Project reporting: turn delivering bad news to your advantage


It is the rare project manager who never has to deliver bad news to the project sponsor or steering team. Having to explain that there’s a budget overrun, missed deadline, resource or scope issue is never going to be pleasant but as a project manager you should realize that these difficult conversations are also opportunities to win respect and even recognition for how you handle a tough situation.

There’s lots of sound advice on how to deliver bad project news and it typically comes down to being honest, stating the facts, raising risks before they become full-blown problems and having a recommendation ready. This is good counsel and I encourage you to follow it, but if you want to use the situation as a chance to demonstrate your capabilities you need a better communication strategy.

On a personal level, you need to maintain credibility as someone who can manage a situation and garner support for the next steps.On a task level, you need to make sure people actually hear and understand the problem as well as the consequences of inaction or the proposed actions.

People focus

It’s natural to want to associate yourself with wins and distance yourself from losses (notice how people talk about their football teams, it’s „we won last night“ if the team won but „they lost“ if they didn‘t), so you need to think about your own and the sponsor’s/steering team’s inclination to dissociate from the problem.

Actively fight your own desire to dissociate: we’ve been brought up to respect the captain who goes down with their ship and your credibility as a leader is at stake.Use terms like „we are facing this problem“ and „we have several options to solve this“ rather than „they caused the issue“ or „they need to fix it if...“.

You want the sponsor and steering team on your side so take action to avoid them distancing themselves.Do not surprise them with the bad news at a group meeting.Instead meet with the sponsor and/or steering team members individually before the group session.Use the one-on-one meeting to introduce the problem, describe your recommendation and get their advice on how to handle the situation.This has several benefits: people get a chance to absorb the news at their pace, emotional reactions will play out before the group meeting takes place, and they are engaged in discussing the solution (not to mention that you actually get their advice and can fine-tune your ultimate recommendation).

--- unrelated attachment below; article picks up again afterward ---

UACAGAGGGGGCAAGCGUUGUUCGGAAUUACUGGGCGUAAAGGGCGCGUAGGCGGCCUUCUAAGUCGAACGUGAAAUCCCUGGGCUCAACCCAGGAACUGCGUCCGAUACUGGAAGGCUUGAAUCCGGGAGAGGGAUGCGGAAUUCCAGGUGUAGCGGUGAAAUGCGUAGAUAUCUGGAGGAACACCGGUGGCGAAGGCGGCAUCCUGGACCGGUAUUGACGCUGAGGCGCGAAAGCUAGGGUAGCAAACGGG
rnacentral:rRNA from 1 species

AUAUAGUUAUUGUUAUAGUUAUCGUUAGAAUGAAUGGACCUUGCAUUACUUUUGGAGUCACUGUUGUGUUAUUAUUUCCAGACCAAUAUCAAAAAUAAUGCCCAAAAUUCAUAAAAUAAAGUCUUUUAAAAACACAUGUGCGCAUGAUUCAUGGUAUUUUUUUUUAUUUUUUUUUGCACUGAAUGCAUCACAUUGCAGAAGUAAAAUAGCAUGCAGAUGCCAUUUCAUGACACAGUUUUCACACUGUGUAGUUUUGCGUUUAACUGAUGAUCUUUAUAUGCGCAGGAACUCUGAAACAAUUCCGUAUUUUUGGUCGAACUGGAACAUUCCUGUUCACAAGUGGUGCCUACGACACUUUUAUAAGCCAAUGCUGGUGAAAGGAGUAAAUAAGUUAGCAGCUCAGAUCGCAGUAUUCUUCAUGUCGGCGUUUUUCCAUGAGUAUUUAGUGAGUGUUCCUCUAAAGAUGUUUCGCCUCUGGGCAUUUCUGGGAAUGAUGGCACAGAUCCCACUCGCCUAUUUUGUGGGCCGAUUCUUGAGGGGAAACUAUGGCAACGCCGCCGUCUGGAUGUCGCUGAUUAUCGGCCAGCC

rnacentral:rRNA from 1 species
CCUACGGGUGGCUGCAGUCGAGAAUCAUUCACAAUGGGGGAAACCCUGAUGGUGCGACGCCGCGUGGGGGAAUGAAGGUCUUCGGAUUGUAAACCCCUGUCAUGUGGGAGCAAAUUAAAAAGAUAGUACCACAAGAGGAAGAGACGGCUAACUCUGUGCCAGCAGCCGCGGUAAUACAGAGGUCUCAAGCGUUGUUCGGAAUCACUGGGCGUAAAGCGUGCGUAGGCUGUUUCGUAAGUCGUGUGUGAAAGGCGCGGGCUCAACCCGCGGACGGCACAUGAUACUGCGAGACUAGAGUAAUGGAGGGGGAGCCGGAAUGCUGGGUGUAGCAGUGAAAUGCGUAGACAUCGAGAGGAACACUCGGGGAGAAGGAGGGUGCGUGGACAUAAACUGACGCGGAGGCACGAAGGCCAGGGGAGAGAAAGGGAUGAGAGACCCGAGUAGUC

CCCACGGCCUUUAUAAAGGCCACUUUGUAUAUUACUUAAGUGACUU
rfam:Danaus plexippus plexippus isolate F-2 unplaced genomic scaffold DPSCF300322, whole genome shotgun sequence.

Task focus

Equally important is how you handle the task side. Most project managers are good at providing an overview of the problem and generating some possible solutions or mitigating steps. Where you need to stand out is in considering and communicating the implications – no sins of omission for you.

Make sure you put the problem (and recommendation) in context. Most sponsors and steering team members will have several projects on their plate along with their regular responsibilities. When you highlight a project risk or actual problem make sure you use clear and direct language to describe the issue in the context of the project’s objectives, budget, timeline and scope. Don’t count on these people to have memorized the project charter or to understand that your one-liner about a single component‘s missed delivery date means the entire delivery will be delayed. Giving them the full picture may highlight how bad the news is, but it also highlights that you are not hiding anything and have a handle on the full project.

In addition to the business impact of a problem, be sure to consider and discuss (with tact) any personal commitments the sponsor and steering team members might have made.If promises were made to the CEO, to outside investors, or even simply to peers you need to address this in your recommendation and mitigating actions.Help your sponsor and committee manage perceptions around the project.

Pulling it together

This communication strategy maintains and can even improve the credibility of the project manager delivering bad news by showing their leadership (no distancing from problem or team) and grasp of the situation (clear communication of context and implications) as well as their emotional intelligence in dealing with the steering team and sponsor. It doesn’t make the bad news less bad, but it does make it better managed.

(Originally posted on LinkedIn 5 August, 2014)

Katherine TersagoComment